Maxwell's Silver Hammer: On Spells, Design, and the feeling of Sameyness in 5e

Do you think the spellcasters and spells in 5e are too "same-y?"

  • 1. Yes, they are too same-y.

    Votes: 28 28.9%
  • 2. They're really same-y, but I'm okay with it.

    Votes: 8 8.2%
  • 3. Maybe a little, but it's a good design choice.

    Votes: 43 44.3%
  • 4 No. I don't know what you're talking about.

    Votes: 12 12.4%
  • 5. I have VERY STRONG OPINIONS that cannot be captured in a poll.

    Votes: 2 2.1%
  • 6. Smash the control images, smash the control machines.

    Votes: 4 4.1%

  • Poll closed .

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I don't have enough experience with 5e to really comment.

I will say that what you complain about here is one of the reasons I've not bothered to acquire experience with 5e.


I agree. These are all part of the reasons I fiddle around with classes as much as I do. It is also the reason for the desire to see F,T,C and M-U lineup. Because they are different from each other.

I love and hate cantrips.


Tension, apprension, and dissension have begun
I can see why it might feel same-y, but I kinda prefer these spell lists to the ones in 1E, where there are all these listings for the same spell with relatively minor differences; I even prefer it to 3.x where a spell might be level X for one class and level Y for another. Given that one of the core intents (principles? maybe) seems to be streamlining things, it makes sense that (to pick a spell) fly has exactly one entry in the spells list, and is always a third level (I think? away from books at the moment) spell.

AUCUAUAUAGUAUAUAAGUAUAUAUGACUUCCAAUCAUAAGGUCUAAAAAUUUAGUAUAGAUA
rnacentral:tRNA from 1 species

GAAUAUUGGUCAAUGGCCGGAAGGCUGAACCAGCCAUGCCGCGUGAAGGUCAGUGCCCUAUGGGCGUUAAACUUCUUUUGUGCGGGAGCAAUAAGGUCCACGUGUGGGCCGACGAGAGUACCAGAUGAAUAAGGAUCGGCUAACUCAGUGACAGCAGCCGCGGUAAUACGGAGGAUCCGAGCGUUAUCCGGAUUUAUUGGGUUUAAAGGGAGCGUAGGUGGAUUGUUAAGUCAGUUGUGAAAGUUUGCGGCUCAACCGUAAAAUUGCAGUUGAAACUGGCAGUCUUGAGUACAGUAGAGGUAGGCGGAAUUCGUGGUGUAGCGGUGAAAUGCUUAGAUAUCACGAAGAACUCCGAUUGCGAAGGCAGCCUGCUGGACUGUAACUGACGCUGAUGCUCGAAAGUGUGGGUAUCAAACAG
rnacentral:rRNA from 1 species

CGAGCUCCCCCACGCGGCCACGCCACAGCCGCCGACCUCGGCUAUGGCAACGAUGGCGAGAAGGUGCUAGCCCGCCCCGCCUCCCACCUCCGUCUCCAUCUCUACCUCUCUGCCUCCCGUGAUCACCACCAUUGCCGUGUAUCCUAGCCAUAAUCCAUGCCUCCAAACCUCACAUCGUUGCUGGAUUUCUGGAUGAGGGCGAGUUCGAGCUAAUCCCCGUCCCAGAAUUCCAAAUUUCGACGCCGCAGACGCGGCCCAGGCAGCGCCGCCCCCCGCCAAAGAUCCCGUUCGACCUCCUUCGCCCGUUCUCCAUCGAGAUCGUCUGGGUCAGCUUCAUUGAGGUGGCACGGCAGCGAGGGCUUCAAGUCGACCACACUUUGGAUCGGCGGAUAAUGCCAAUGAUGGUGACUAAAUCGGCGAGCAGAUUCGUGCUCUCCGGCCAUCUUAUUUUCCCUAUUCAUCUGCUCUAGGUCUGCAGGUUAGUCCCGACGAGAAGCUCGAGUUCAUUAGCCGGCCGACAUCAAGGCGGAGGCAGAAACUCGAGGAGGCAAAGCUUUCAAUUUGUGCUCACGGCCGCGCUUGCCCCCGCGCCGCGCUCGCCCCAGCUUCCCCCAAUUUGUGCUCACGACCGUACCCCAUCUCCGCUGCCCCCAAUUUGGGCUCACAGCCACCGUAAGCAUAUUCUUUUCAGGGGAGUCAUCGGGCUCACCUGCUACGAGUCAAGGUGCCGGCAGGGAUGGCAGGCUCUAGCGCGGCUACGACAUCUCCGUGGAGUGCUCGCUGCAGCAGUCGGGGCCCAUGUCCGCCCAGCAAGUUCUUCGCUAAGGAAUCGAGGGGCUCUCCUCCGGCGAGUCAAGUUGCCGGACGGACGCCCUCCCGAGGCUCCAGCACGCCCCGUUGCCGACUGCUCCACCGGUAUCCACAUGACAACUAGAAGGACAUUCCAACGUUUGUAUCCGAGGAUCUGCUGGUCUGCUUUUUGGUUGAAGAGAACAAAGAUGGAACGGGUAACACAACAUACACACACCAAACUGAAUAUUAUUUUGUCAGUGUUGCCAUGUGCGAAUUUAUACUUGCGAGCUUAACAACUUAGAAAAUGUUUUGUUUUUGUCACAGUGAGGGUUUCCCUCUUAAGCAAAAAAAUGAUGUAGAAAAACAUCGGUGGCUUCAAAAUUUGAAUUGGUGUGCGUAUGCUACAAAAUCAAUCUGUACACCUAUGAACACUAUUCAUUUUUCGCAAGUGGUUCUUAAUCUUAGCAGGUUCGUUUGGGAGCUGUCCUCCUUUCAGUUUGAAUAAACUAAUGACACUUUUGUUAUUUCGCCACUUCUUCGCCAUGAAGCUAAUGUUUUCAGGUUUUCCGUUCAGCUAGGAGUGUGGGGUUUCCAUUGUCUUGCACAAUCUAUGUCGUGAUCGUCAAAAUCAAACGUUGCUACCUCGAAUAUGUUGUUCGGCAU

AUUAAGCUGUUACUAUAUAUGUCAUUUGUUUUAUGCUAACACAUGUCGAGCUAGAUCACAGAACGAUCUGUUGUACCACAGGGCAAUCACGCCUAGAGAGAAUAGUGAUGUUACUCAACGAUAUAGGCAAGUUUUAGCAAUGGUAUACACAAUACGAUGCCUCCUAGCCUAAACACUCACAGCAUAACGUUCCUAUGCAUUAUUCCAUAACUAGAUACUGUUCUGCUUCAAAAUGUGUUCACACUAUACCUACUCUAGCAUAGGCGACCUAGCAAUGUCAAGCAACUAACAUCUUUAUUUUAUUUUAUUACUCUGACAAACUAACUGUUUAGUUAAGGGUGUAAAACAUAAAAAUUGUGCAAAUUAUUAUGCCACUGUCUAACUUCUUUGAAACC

I think there's enough differentiation between the full-caster classes that they don't have to feel the same. Certainly clerics and wizards don't feel much alike to me, and druids don't really feel like either; bards are supposed to be all about flexibility so I don't feel as though their lack of unique spells damages them, particularly. Warlocks don't really work like any other full-caster, and the half-casters (and less) seem as though they're pretty well-differentiated by other (non-spell) abilities and themes and stuff.

Do I like the design principle? Well, it's my favorite edition of D&D, but there may be some amount of comfort-zone-residence there. I don't think it means I agree with every design choice they made.


A suffusion of yellow
I’ve always thought DnD had too many spellcasters but agree that 5e has gone beyond that and that there is too much Magic, when even your Fighter subclasses are sparkling with magical lighting things have gone too far.
Also the magic initiate feat is a big offender that I look at and think - uh if I can get any spell then whats the point?


Tension, apprension, and dissension have begun
So I checked my true feelings but it was a real struggle not to vote with the Burroughs quotation. Niiiice.


Everything in the game is samey. Especially after you play it for years on end. Hell... the game was samey out of the gate because its just a new version of D&D-- the same game we've been playing for 40 years. Yeah, there are some changes here and there... but it's still D&D. There hasn't been a single edition of D&D that I've played that hasn't felt like D&D.